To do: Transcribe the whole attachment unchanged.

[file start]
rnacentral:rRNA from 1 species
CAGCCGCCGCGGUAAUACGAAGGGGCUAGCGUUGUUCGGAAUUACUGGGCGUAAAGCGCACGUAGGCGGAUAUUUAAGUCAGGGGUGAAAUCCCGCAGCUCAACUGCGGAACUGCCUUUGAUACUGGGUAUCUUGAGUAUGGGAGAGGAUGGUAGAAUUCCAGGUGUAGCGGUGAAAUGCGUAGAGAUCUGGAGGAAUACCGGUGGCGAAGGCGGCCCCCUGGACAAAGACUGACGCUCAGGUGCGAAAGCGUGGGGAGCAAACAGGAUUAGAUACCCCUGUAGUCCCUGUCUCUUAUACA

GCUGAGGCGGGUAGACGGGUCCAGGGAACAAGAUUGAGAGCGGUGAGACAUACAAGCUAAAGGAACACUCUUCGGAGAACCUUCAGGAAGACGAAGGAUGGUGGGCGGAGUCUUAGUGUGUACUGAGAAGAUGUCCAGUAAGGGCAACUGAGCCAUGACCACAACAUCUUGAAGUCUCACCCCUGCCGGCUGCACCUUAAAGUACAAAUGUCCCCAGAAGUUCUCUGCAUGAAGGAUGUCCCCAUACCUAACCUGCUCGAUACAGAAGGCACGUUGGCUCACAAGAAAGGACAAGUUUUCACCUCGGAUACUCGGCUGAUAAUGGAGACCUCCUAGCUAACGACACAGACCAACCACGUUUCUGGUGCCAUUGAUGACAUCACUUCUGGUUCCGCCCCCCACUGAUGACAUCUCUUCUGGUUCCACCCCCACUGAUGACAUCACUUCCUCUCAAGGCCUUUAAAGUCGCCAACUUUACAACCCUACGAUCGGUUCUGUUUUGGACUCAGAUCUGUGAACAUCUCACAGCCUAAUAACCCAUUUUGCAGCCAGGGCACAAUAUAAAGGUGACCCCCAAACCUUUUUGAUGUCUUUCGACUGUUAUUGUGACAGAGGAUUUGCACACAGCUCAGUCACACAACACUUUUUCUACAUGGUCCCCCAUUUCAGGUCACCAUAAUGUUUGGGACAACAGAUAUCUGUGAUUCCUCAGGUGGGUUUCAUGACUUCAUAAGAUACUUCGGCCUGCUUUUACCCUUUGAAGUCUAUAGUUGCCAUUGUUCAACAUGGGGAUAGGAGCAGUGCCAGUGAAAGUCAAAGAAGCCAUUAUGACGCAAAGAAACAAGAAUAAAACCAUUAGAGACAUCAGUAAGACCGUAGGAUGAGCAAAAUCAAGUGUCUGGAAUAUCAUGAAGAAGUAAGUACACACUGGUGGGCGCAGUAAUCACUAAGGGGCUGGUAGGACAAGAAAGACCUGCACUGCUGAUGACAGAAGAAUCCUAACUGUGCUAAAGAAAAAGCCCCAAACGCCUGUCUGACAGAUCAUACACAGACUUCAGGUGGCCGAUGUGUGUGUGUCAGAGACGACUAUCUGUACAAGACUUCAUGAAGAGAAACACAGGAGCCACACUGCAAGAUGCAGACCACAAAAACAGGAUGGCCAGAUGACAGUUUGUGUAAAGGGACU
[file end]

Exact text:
rnacentral:rRNA from 1 species
CAGCCGCCGCGGUAAUACGAAGGGGCUAGCGUUGUUCGGAAUUACUGGGCGUAAAGCGCACGUAGGCGGAUAUUUAAGUCAGGGGUGAAAUCCCGCAGCUCAACUGCGGAACUGCCUUUGAUACUGGGUAUCUUGAGUAUGGGAGAGGAUGGUAGAAUUCCAGGUGUAGCGGUGAAAUGCGUAGAGAUCUGGAGGAAUACCGGUGGCGAAGGCGGCCCCCUGGACAAAGACUGACGCUCAGGUGCGAAAGCGUGGGGAGCAAACAGGAUUAGAUACCCCUGUAGUCCCUGUCUCUUAUACA

GCUGAGGCGGGUAGACGGGUCCAGGGAACAAGAUUGAGAGCGGUGAGACAUACAAGCUAAAGGAACACUCUUCGGAGAACCUUCAGGAAGACGAAGGAUGGUGGGCGGAGUCUUAGUGUGUACUGAGAAGAUGUCCAGUAAGGGCAACUGAGCCAUGACCACAACAUCUUGAAGUCUCACCCCUGCCGGCUGCACCUUAAAGUACAAAUGUCCCCAGAAGUUCUCUGCAUGAAGGAUGUCCCCAUACCUAACCUGCUCGAUACAGAAGGCACGUUGGCUCACAAGAAAGGACAAGUUUUCACCUCGGAUACUCGGCUGAUAAUGGAGACCUCCUAGCUAACGACACAGACCAACCACGUUUCUGGUGCCAUUGAUGACAUCACUUCUGGUUCCGCCCCCCACUGAUGACAUCUCUUCUGGUUCCACCCCCACUGAUGACAUCACUUCCUCUCAAGGCCUUUAAAGUCGCCAACUUUACAACCCUACGAUCGGUUCUGUUUUGGACUCAGAUCUGUGAACAUCUCACAGCCUAAUAACCCAUUUUGCAGCCAGGGCACAAUAUAAAGGUGACCCCCAAACCUUUUUGAUGUCUUUCGACUGUUAUUGUGACAGAGGAUUUGCACACAGCUCAGUCACACAACACUUUUUCUACAUGGUCCCCCAUUUCAGGUCACCAUAAUGUUUGGGACAACAGAUAUCUGUGAUUCCUCAGGUGGGUUUCAUGACUUCAUAAGAUACUUCGGCCUGCUUUUACCCUUUGAAGUCUAUAGUUGCCAUUGUUCAACAUGGGGAUAGGAGCAGUGCCAGUGAAAGUCAAAGAAGCCAUUAUGACGCAAAGAAACAAGAAUAAAACCAUUAGAGACAUCAGUAAGACCGUAGGAUGAGCAAAAUCAAGUGUCUGGAAUAUCAUGAAGAAGUAAGUACACACUGGUGGGCGCAGUAAUCACUAAGGGGCUGGUAGGACAAGAAAGACCUGCACUGCUGAUGACAGAAGAAUCCUAACUGUGCUAAAGAAAAAGCCCCAAACGCCUGUCUGACAGAUCAUACACAGACUUCAGGUGGCCGAUGUGUGUGUGUCAGAGACGACUAUCUGUACAAGACUUCAUGAAGAGAAACACAGGAGCCACACUGCAAGAUGCAGACCACAAAAACAGGAUGGCCAGAUGACAGUUUGUGUAAAGGGACU